Friday, October 13, 2006

Saying Goodbye

Last Friday one of the ladies in my seniors' group died. I didn't know Edna very well, and I have always regretted that. When I first joined the group 3 years ago, I was the only one under 65, and I felt a bit timid about joining a group who all seemed to have been together a long time. Edna didn't sit near me, so it wasn't as easy to get into conversation with her as with the ladies on either side of me. (Each of us has 'her' seat, and these only change as members leave the group; we make room for new members as they come). Plus Edna was much more of a seamstress than a knitter or crocheter, and I haven't sewed in 30 years. But she was always pleasant to me, and had a great, quirky smile. She made beautiful pieced quilts, all of which went to help keep an invalid warm.

Edna was diagnosed with lung cancer early in 2004, and had lots of complications. Her chemo treatments had to stop whenever they interfered with her diabetes, so that took a long time. Of course she wasn't able to come to our group very often, but when she did she was always so spunky and only regretted that she didn't have the strength to do all that she wanted to be doing. I was a member of the Crochet Guild then, and I received Crochet! Magazine as a part of the membership. One issue had a pattern for crocheted Wiggies, a chemo hat crocheted with Lion Brand Fun Fur. I made one for Edna and took it to her home. She was so pleased with it I was a bit embarrassed, since it seemed like such a small thing. She put it on right then, and called her husband to come look. She wore it the next time she made it to group, and told everyone about it. I blushed a lot. Edna came less and less frequently as her struggle with the cancer went on, and she nearly always wore the Wiggie. When she finally had to use a wheelchair, her daughter would bring her every now and then. Edna still smiled and cracked a few jokes, and everyone was glad to see her.

Last Friday her daughter called to tell me that Edna was gone. She said Edna had specifically asked that I get a personal message. I couldn't help but tear up, such a lot of return for my silly little Wiggie. Her husband and her daughter were with her when she went, finally at peace and without pain.

Today was the service to honor and celebrate Edna's life. Only four of us from the group were able to attend, because of health or transportation problems. Her pastor spoke for a bit, reminding us of the portions of the Bible which speak about moving on to another life, about only being asleep for a while. And then Edna's five grandchildren spoke, each of them remembering the great fun they had with their Grammie, taking trips to Laughlin (a family-oriented casino town!) and playing endless games of cards, all sorts of them, with her. Sleepovers, cinnamon toast, love, encouragement: the ordinary and the best parts of their memories of Edna.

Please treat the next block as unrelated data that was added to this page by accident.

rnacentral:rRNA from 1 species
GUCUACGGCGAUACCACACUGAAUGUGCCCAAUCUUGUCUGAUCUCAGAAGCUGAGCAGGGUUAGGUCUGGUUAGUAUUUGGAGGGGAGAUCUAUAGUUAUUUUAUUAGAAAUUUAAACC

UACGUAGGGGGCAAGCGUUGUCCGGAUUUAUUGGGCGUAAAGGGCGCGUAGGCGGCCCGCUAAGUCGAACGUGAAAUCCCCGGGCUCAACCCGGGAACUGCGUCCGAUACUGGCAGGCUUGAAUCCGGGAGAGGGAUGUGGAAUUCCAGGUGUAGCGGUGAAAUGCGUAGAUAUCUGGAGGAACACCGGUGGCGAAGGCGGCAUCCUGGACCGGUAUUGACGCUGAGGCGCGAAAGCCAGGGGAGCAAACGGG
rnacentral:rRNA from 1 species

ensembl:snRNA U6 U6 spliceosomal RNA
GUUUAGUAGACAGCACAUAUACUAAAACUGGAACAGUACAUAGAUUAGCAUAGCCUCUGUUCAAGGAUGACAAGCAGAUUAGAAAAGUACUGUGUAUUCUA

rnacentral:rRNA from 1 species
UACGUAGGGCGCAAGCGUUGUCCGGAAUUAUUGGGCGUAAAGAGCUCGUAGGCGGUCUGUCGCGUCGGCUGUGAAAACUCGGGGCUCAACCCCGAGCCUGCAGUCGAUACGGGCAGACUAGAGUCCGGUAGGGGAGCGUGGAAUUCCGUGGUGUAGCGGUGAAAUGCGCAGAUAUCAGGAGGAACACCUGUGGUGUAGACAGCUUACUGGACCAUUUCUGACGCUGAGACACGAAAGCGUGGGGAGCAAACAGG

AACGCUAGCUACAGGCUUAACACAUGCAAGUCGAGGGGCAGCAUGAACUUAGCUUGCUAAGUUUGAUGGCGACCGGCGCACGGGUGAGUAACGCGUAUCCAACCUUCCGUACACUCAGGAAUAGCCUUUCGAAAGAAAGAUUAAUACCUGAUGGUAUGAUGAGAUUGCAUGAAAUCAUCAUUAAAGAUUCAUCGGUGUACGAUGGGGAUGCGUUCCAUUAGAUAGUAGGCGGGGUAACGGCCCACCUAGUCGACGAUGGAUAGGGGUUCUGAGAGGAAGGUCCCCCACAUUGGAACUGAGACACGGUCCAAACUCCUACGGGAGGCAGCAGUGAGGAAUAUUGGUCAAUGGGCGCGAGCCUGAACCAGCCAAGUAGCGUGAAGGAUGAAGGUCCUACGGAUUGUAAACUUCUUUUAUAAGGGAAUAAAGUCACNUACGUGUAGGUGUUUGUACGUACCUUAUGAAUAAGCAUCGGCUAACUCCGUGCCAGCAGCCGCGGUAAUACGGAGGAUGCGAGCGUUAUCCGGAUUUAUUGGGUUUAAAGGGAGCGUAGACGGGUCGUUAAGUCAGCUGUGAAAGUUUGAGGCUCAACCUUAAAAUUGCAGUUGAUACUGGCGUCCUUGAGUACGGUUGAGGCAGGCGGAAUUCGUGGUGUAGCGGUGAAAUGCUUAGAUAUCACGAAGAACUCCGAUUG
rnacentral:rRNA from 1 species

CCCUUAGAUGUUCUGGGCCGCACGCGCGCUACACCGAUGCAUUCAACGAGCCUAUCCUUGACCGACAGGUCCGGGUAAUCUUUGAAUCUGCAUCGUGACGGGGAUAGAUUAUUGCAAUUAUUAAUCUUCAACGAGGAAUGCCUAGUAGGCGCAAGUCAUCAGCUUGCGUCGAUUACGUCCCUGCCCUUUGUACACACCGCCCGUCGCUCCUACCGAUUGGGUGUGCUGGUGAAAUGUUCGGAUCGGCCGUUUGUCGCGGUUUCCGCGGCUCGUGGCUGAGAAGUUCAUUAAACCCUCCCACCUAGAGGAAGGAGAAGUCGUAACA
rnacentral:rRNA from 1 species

If, when I die, I am remembered with even a fraction of that fondness and love, I will die a wealthy woman. I wish I had known Edna better. She was 76.


Grace Yaskovic said...

Barbara I am so sorry to read of the loss of your friend. You may not have had lots of contact with her but when you reached out you made a great impact on her heart. You are a giving loving woman and while I would never wish you a moment less on this earth when your time does come (many many years from now) you WILL be remembered with much much love!! What we give away we get back 10 fold!!!

jayne said...

Thanks for a lovely, heartwarming piece about Edna. Sounds like you did know her a little and that she knew you back. I'm thinking it was probably more than the Wiggie (that is just delightful). It was likely your presence and personality at the seniors group. The two of you have some things in common, and she noticed.

junior_goddess said...

Oh Barbara-

You have "done her proud". There aren't a lot of people who stretch out their hands to the others around them-and she appreciated your efforts. I am sorry to hear about this, I know how tight you are with your group.

Bri McStan said...

Your experience with Edne proves that even the smallest gesture carries great weight. I am sure you will miss her and am sorry for the loss of your friend.

Sandra D said...

Thank you for sharing your story about Edna. I've known that regretful feeling too, when someone I wished I had known better passes away. I agree with the other posters though that you and Edna did have meaningful moments, brought about by your your Wiggie; at a time when others may not be comfortable with terminal illness, and stay away, you reached out. That says a lot about you Barbara, and it's all good!